GENREALITY

Archive for July 23rd, 2010



Friday, July 23rd, 2010 by Rosemary
Conference Survival

Sunday I head for Orlando for the RWA National convention. My first was in Reno, and I didn’t know anyone. I’d only been going to my local chapter for three months, and the size of this convention was staggering, to say the least.

I dutifully went to the orientation on Wednesday night… and by Thursday afternoon, I’d peeled the orange “first timer” ribbon off my badge. Orientation had given me some very useful information (some of which is on the list below), but they didn’t really cover “How not to sound like a clueless noob.”

But then,  there are some people who have gone to a lot of writing conventions, RWA and elsewhere, who could use classes in “How Not to Be That Guy (or Girl) at a Conference.”

So here are some conference survival tips: Both practical tips to make it through, and tips on how not to make your fellow attendees want to kill you.

1) Wear comfortable shoes (but maybe not too comfortable). You want to be able to walk, not look like you just came in from the beach.

2) Just because you have your elevator pitch down cold doesn’t mean you are obligated to blurt it at any industry professional who happens to get into an elevator with you.  Just the opposite. They might be in a  hurry to get back to their room to pee. That never puts ME in a receptive mood.

2A) Ditto times one hundred for the bathroom. I always thought the “pitch your book through the door of the stall” was a conference myth, but it’s been confirmed more than once. People really do pick the MOST inappropriate times to talk about their work.

3) When you go to a workshop given by an agent or editor, this *also* is not an excuse to pitch your book. Not even covertly.  “Would you be interested in a Western historical about time traveling werewolf who becomes the sherif of a one horse town and falls in love with the virgin card dealer at the local saloon?” is not what workshop presenters mean by “Any questions?”

3b) Likewise, “Any questions?” shouldn’t be used to ask an industry professional things easily researched on the internet, like “Do you represent extraterrestrial manage a tois stories?” or “How big should the margins of my manuscript be if I’m submitting electronically?”  (I’m not making up that second question.)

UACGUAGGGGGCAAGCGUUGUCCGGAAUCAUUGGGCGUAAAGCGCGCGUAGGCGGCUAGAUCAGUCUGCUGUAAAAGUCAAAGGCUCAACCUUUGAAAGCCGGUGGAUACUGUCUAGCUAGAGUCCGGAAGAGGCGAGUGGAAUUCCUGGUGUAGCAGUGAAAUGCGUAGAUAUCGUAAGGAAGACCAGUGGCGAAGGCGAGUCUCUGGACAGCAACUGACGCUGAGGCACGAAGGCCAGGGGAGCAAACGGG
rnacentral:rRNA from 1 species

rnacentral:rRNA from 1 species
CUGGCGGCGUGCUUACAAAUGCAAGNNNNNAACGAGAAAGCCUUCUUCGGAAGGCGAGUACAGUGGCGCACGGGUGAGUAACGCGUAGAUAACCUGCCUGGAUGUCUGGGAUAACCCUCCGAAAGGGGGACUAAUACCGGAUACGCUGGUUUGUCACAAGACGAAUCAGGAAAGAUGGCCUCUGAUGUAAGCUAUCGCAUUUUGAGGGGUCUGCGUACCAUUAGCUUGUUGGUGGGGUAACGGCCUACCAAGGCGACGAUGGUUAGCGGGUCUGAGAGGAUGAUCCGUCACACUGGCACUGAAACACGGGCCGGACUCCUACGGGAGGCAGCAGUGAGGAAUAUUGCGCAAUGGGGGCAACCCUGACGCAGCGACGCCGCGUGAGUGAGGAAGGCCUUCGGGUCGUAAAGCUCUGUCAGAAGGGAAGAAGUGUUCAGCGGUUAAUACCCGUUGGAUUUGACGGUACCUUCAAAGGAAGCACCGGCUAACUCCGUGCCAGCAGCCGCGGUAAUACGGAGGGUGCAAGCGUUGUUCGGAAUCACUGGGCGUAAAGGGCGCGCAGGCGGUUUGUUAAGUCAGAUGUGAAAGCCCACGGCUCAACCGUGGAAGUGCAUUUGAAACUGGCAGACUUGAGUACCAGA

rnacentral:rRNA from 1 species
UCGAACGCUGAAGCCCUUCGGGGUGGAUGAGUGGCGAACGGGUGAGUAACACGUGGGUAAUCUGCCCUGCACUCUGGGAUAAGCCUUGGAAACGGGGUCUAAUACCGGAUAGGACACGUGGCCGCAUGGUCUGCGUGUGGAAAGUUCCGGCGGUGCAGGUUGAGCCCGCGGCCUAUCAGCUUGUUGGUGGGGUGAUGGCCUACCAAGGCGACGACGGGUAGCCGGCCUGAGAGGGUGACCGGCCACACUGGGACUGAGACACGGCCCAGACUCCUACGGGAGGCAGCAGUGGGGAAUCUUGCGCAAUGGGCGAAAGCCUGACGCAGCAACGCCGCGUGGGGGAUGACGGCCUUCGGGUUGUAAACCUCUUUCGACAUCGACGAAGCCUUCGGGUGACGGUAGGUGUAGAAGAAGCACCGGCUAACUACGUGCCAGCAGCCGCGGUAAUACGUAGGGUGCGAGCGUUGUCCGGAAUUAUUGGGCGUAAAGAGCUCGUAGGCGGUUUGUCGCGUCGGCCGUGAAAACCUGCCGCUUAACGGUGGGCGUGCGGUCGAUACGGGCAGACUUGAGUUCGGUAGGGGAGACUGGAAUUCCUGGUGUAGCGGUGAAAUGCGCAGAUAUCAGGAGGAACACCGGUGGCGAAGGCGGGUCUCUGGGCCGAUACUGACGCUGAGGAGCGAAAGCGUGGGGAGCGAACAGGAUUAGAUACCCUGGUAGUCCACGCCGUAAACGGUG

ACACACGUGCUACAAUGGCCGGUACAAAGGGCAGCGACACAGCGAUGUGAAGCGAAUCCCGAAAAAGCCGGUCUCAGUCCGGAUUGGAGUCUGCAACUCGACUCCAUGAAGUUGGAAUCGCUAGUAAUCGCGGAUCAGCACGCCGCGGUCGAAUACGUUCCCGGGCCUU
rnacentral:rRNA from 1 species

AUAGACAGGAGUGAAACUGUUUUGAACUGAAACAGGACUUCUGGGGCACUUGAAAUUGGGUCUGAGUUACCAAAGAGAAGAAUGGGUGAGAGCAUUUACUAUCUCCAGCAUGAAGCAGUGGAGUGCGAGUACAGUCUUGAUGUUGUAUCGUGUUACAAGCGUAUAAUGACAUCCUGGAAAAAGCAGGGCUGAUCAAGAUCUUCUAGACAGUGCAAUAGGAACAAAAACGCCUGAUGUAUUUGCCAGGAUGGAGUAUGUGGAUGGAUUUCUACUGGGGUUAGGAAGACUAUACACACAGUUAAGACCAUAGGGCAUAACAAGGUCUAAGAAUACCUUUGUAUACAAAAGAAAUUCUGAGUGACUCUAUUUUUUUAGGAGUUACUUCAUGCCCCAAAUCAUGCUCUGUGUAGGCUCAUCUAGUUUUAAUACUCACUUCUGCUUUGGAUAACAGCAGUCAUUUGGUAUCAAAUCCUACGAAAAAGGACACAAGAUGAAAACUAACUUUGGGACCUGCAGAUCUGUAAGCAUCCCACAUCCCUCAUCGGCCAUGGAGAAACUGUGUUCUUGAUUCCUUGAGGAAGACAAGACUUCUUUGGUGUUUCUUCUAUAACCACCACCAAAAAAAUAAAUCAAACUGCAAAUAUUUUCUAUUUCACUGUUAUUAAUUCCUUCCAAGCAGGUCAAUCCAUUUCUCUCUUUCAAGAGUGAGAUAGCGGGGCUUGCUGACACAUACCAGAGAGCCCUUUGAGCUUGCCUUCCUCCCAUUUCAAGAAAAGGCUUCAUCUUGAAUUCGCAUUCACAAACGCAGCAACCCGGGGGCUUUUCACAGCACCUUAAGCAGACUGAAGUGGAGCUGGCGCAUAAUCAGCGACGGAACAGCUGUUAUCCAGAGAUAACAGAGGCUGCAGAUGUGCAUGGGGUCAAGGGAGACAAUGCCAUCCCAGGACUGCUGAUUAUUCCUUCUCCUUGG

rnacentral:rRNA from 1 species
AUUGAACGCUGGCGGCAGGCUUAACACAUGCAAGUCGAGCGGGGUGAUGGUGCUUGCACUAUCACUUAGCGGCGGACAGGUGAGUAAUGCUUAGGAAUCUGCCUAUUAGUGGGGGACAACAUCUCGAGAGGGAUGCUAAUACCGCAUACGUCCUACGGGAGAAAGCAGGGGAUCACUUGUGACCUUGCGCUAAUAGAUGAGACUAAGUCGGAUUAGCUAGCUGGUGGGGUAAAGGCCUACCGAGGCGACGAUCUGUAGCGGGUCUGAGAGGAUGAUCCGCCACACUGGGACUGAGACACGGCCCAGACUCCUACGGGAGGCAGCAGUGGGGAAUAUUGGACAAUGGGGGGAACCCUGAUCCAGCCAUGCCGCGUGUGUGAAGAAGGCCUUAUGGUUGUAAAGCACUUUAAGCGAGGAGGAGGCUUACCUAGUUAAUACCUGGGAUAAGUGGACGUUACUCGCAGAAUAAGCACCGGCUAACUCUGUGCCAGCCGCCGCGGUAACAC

4) Don’t forget to take a breather now and then. It will get overwhelming. By Friday, I always have to take a few hours off, either in the quiet of my hotel room, or out of the hotel.

5) Be friendly, but professional, especially in appointments. Relax–your career does not hinge on the success of your pitch. Be a person an editor or agent would like to work with, and they’ll want to look at your work.

6) Be temperate. A social setting is a great place to let your colleagues meet the real you, as long as the real you isn’t a loudmouthed bigot or a sloppy drunk. Don’t be that person. Watch the booze.

7) Don’t always sit with your friends at conference luncheons. Take a chance, sit with strangers, and you might luck into a really interesting table.  (I know, I have trouble with this one. I’m more shy than I appear.)

8) Leave off the cologne. You will be in very close quarters in the workshops and at lunch. Many many people have allergies.

9) Go to the workshops! They’ve got great ones, given by all kinds of cool writers. Don’t just go to network, go to learn. You may think you know it all, but chances are, you’re wrong.

9a) It’s copacetic to slip out if you have an appointment. Speakers understand the conference is packed, and they’d rather have you tehre for a little while than not at all.

9b) It’s also okay to slip out if the workshop isn’t what you’d thought it would be. There’s too much going on to waste an hour on something that turns out not to be pertinent to your interests.

And speaking of talking…